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Pamela J. McLean, PhD
Dr. McLean uses genetic and molecular approaches to understand the cellular and molecular mechanisms underlying neurodegeneration in Parkinson's disease, dementia with Lewy bodies and related disorders. In particular, her research group studies the role of a protein called alpha-synuclein, which accumulates in Lewy bodies in the neurons that are prone to die in these diseases.
Dr. McLean’s group has shown that modifications to the carboxy-terminus of alpha-synuclein can lead to protein misfolding and aggregation. Dr. McLean uses advanced microscopy techniques to demonstrate the presence of oligomeric forms of alpha-synuclein in cells and she has shown that alpha-synuclein oligomers assemble in a head-to-tail orientation. Dr. McLean’s studies of alpha-synuclein conformation in vitro suggest that specific factors modulate alpha-synuclein conformation. She postulates that oligomeric forms of alpha-synuclein are causative of neuronal dysfunction, and her group has developed FRET methodologies to see these molecular conformations in cells. Future studies will continue to develop advanced methodologies to facilitate phamacological and gene-based studies to alter the formation or clearance of these misfolded forms of alpha-synuclein.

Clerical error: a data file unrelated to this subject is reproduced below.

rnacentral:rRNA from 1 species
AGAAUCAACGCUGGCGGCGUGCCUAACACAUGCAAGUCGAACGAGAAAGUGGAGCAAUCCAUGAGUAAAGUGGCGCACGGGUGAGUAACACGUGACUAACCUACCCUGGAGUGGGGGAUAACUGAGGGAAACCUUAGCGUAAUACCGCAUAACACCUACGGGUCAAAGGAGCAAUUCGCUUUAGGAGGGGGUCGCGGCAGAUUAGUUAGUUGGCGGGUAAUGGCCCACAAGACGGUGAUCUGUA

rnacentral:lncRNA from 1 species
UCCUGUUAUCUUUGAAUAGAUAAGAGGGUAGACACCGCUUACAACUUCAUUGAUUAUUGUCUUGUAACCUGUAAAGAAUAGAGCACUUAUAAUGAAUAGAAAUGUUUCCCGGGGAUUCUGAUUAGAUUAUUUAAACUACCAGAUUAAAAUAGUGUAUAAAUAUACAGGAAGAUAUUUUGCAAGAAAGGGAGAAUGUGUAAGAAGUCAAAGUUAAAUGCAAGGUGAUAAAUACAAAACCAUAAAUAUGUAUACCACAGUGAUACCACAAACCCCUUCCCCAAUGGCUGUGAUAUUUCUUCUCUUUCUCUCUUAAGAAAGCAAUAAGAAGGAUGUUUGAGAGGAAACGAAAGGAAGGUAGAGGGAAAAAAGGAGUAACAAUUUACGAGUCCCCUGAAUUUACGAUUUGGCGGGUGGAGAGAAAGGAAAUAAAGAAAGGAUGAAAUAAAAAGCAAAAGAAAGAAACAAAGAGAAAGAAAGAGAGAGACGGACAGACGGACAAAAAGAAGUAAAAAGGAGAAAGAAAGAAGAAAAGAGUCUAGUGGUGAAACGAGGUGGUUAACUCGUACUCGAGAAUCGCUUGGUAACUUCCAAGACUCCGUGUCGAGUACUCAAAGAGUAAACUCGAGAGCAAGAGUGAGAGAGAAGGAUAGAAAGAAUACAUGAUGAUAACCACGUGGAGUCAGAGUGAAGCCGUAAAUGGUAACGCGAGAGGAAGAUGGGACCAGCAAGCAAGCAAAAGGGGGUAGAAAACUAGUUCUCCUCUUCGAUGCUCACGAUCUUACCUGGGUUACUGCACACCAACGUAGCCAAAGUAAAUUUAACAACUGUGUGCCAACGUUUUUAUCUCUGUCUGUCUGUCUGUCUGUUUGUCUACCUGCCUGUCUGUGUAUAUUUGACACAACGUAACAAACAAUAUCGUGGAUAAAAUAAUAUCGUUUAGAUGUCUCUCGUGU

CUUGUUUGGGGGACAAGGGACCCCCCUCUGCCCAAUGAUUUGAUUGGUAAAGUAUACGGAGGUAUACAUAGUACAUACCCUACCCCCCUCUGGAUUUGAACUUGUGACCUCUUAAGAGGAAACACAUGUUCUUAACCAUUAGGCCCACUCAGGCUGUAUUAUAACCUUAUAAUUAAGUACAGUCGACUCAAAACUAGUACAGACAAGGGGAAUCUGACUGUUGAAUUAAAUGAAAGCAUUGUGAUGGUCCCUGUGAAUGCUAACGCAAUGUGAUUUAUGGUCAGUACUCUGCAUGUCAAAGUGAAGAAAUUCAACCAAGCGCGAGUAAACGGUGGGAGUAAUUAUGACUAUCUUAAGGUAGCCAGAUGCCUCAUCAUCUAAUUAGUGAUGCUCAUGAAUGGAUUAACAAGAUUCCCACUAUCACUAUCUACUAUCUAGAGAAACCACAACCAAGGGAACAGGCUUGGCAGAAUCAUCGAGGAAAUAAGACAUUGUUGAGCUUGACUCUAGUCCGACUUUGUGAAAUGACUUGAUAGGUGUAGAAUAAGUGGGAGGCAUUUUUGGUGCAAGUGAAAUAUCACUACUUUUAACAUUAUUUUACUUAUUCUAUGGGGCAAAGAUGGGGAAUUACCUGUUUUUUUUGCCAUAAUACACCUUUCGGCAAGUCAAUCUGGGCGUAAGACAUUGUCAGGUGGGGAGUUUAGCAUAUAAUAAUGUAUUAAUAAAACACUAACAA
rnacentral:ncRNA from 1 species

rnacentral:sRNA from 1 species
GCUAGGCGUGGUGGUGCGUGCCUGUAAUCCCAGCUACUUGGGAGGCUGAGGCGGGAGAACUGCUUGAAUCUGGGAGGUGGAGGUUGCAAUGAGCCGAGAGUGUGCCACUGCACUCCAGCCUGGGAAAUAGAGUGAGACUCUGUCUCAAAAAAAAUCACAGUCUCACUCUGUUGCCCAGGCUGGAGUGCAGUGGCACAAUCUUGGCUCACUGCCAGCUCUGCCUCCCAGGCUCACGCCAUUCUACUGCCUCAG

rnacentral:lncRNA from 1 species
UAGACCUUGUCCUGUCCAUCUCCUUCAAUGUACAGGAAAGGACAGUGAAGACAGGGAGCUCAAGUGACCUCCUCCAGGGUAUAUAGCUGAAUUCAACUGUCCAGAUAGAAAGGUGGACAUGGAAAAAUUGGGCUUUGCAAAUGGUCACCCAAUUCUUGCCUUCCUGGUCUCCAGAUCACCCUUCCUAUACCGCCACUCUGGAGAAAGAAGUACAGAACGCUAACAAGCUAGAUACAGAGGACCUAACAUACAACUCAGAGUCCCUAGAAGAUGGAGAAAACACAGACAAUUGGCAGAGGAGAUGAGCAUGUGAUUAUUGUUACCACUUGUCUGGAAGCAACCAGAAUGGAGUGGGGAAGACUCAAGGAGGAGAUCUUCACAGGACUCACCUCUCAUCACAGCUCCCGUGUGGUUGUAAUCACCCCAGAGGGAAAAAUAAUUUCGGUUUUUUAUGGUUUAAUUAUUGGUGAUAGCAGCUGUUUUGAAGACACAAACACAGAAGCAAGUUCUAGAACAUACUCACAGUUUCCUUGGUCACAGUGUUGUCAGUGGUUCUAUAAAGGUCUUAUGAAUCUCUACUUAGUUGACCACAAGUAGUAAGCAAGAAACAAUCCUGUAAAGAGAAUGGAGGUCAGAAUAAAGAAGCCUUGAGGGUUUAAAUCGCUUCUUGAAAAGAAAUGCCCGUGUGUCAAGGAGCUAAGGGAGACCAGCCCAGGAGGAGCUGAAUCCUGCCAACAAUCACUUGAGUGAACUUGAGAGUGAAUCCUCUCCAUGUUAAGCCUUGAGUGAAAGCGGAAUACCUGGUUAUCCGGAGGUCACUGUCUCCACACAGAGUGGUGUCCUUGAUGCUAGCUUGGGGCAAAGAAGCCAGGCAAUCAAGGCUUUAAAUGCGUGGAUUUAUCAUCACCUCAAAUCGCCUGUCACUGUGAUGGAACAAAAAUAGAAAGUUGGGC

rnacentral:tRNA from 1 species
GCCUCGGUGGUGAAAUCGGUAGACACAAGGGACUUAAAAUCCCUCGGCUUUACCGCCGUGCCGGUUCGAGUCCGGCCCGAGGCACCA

Dr. McLean has demonstrated that molecular chaperones are dysregulated in Lewy body disease and that they colocalize with alpha-synuclein in Lewy bodies. In addition, her work has demonstrated that alpha-synuclein aggregation and toxicity can be prevented by expressing molecular chaperones such as Hsp70, Hsp40, Hsp27 and CHIP. Her present research projects focus on the role of chaperone proteins on alpha-synuclein induced toxicity, aggregation, and clearance. Previous studies have demonstrated that the antibiotic and Hsp90 inhibitor, geldanamycin, can prevent alpha-synuclein induced cell death and aggregation. Current studies are investigating the effect of novel small molecule aggregation inhibitors and novel Hsp90 inhibitors on alpha-synuclein toxicity and oligomerization. These studies use an in vitro cell culture model of alpha-synuclein aggregation as well as transgenic animal models.
Dr. McLean has established viral vector gene transfer technology in her group. Using targeted overexpression of alpha-synuclein with adeno-associated virus (AAV) she developed a mouse model of Parkinson’s disease that is characterized by neuronal cell death and Parkinson disease-like pathology. Currently, Dr. McLean’s group is using targeted overexpression of alpha-synuclein via AAV8 into rat substantia nigra to study mechanisms of alpha-synuclein induced cell death.
Cellular and molecular mechanisms underlying neurodegeneration
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